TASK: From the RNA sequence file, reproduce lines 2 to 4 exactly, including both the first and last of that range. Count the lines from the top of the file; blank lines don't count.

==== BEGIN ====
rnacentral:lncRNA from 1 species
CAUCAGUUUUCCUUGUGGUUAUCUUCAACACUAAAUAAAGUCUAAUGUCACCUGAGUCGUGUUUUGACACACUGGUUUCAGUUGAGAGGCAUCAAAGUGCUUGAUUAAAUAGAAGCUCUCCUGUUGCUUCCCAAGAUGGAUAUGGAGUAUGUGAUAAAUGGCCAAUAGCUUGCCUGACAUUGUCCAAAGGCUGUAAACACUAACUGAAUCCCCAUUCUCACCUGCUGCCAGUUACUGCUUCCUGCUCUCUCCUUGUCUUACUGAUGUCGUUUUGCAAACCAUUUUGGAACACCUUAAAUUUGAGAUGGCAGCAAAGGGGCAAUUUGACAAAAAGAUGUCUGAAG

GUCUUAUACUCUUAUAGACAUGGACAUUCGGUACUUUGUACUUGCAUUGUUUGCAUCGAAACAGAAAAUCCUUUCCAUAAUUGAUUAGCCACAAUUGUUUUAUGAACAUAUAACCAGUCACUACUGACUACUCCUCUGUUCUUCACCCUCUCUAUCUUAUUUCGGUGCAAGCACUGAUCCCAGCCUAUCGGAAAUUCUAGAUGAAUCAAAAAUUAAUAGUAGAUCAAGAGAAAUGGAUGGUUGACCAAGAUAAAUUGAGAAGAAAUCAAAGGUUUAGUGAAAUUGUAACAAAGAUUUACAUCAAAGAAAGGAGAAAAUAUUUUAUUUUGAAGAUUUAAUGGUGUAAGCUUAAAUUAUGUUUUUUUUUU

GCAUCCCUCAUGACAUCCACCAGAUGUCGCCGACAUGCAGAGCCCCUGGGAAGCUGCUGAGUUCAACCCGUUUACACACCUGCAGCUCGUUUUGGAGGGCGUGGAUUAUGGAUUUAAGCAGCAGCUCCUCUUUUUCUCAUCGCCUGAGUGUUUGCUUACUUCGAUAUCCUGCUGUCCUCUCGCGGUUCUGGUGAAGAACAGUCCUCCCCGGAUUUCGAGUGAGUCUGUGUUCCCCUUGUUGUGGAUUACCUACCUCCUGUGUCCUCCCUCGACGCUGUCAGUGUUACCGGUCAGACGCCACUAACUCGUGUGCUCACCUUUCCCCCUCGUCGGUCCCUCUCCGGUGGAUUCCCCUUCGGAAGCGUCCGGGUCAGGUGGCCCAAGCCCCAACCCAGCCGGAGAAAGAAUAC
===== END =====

CAUCAGUUUUCCUUGUGGUUAUCUUCAACACUAAAUAAAGUCUAAUGUCACCUGAGUCGUGUUUUGACACACUGGUUUCAGUUGAGAGGCAUCAAAGUGCUUGAUUAAAUAGAAGCUCUCCUGUUGCUUCCCAAGAUGGAUAUGGAGUAUGUGAUAAAUGGCCAAUAGCUUGCCUGACAUUGUCCAAAGGCUGUAAACACUAACUGAAUCCCCAUUCUCACCUGCUGCCAGUUACUGCUUCCUGCUCUCUCCUUGUCUUACUGAUGUCGUUUUGCAAACCAUUUUGGAACACCUUAAAUUUGAGAUGGCAGCAAAGGGGCAAUUUGACAAAAAGAUGUCUGAAG

GUCUUAUACUCUUAUAGACAUGGACAUUCGGUACUUUGUACUUGCAUUGUUUGCAUCGAAACAGAAAAUCCUUUCCAUAAUUGAUUAGCCACAAUUGUUUUAUGAACAUAUAACCAGUCACUACUGACUACUCCUCUGUUCUUCACCCUCUCUAUCUUAUUUCGGUGCAAGCACUGAUCCCAGCCUAUCGGAAAUUCUAGAUGAAUCAAAAAUUAAUAGUAGAUCAAGAGAAAUGGAUGGUUGACCAAGAUAAAUUGAGAAGAAAUCAAAGGUUUAGUGAAAUUGUAACAAAGAUUUACAUCAAAGAAAGGAGAAAAUAUUUUAUUUUGAAGAUUUAAUGGUGUAAGCUUAAAUUAUGUUUUUUUUUU

GCAUCCCUCAUGACAUCCACCAGAUGUCGCCGACAUGCAGAGCCCCUGGGAAGCUGCUGAGUUCAACCCGUUUACACACCUGCAGCUCGUUUUGGAGGGCGUGGAUUAUGGAUUUAAGCAGCAGCUCCUCUUUUUCUCAUCGCCUGAGUGUUUGCUUACUUCGAUAUCCUGCUGUCCUCUCGCGGUUCUGGUGAAGAACAGUCCUCCCCGGAUUUCGAGUGAGUCUGUGUUCCCCUUGUUGUGGAUUACCUACCUCCUGUGUCCUCCCUCGACGCUGUCAGUGUUACCGGUCAGACGCCACUAACUCGUGUGCUCACCUUUCCCCCUCGUCGGUCCCUCUCCGGUGGAUUCCCCUUCGGAAGCGUCCGGGUCAGGUGGCCCAAGCCCCAACCCAGCCGGAGAAAGAAUAC